Study Says 2016 is the 'Tipping Point' for E-Bill Usage

When will e-bills be more widely used than traditional paper bills? A recent study suggests it might only be five years down the road.


The study conducted by NACHA’s Council for Electronic Billing and Payment (CEBP) and PayItGreen suggests that eBilling – or the electronic delivery of a bill to a customer – is gaining momentum across business industries with more billers expected to come online in 2011 and 2012. The NACHA CEBP and PayItGreen study, completed by Blueflame Consulting in January 2011, quantified the size of the e-bill market, indicating that a total of 5.1 billion e-bills were delivered in 2010 alone. However, some consumers are moving to adopt e-bills more slowly than anticipated.


“After easily converting the ‘early adopters’ to e-bills, billers are realizing that the second and third tiers of consumers will take more time to convince,” says Ed Bachelder, director of research for Blueflame Consulting. “However, billers across a broadening range of markets and sizes see e-bill adoption as an important program for their companies, and have shown commitment to continuing to try to convert their customers.”

Nine of ten of the companies surveyed rate e-bill adoption to be a significant opportunity for their organizations. Cost-savings serves as a major driver for companies, with projected savings falling between 40 and 50 cents per bill. Another motivating factor, billers also said e-bill customers are more satisfied customers and are easier to retain. Collectively, participants in the study distribute 735 million bills in a typical month, which is approximately 25 percent of all bills nationwide.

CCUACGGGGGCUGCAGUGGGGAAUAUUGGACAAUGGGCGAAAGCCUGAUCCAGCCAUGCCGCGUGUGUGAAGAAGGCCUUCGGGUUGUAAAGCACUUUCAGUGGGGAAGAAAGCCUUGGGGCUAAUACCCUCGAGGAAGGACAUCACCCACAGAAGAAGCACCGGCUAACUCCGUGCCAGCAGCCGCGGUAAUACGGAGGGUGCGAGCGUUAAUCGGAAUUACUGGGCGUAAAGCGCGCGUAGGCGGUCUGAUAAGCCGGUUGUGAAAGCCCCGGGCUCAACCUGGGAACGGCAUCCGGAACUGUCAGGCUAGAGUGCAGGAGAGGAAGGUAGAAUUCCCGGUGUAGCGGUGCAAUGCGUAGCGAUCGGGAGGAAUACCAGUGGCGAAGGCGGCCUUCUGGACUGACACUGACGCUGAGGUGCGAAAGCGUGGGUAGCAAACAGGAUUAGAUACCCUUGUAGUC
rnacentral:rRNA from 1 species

“E-bills have not reached their full potential, but they’re gaining momentum,” says Janet O. Estep, president and CEO of NACHA — The Electronic Payments Association. “With companies’ long-term commitment to converting their customers to electronic bill presentment, we see adoption gaining momentum.”
Of those surveyed, universities had the most successful e-billing programs by far. Most universities can mandate e-billing for their students or use a customer opt-out approach rather than an opt-in approach.
“Most billers ask their customers to opt-in to the eBilling program,” says Bachelder. “Companies could increase their eBill participation dramatically by changing their new customer enrollment to an opt-out approach. Our study suggests that only 10 percent of customers who have Internet access would choose to opt-out once they experienced eBilling. Study participants identified one obstacle to eBilling is that the sign-up process is often too time-consuming for customers. An opt-out program would simplify that step.”
Participants in the study agree that more customer education is needed about how eBilling works, the security involved, and how significant paper reduction is to improving the environment.
“Once customers truly understand e-billing, they respond positively for a number of reasons,” said Estep. “Convenience is key, and environmental messaging continues to be a supporting motivator for e-bill adoption.”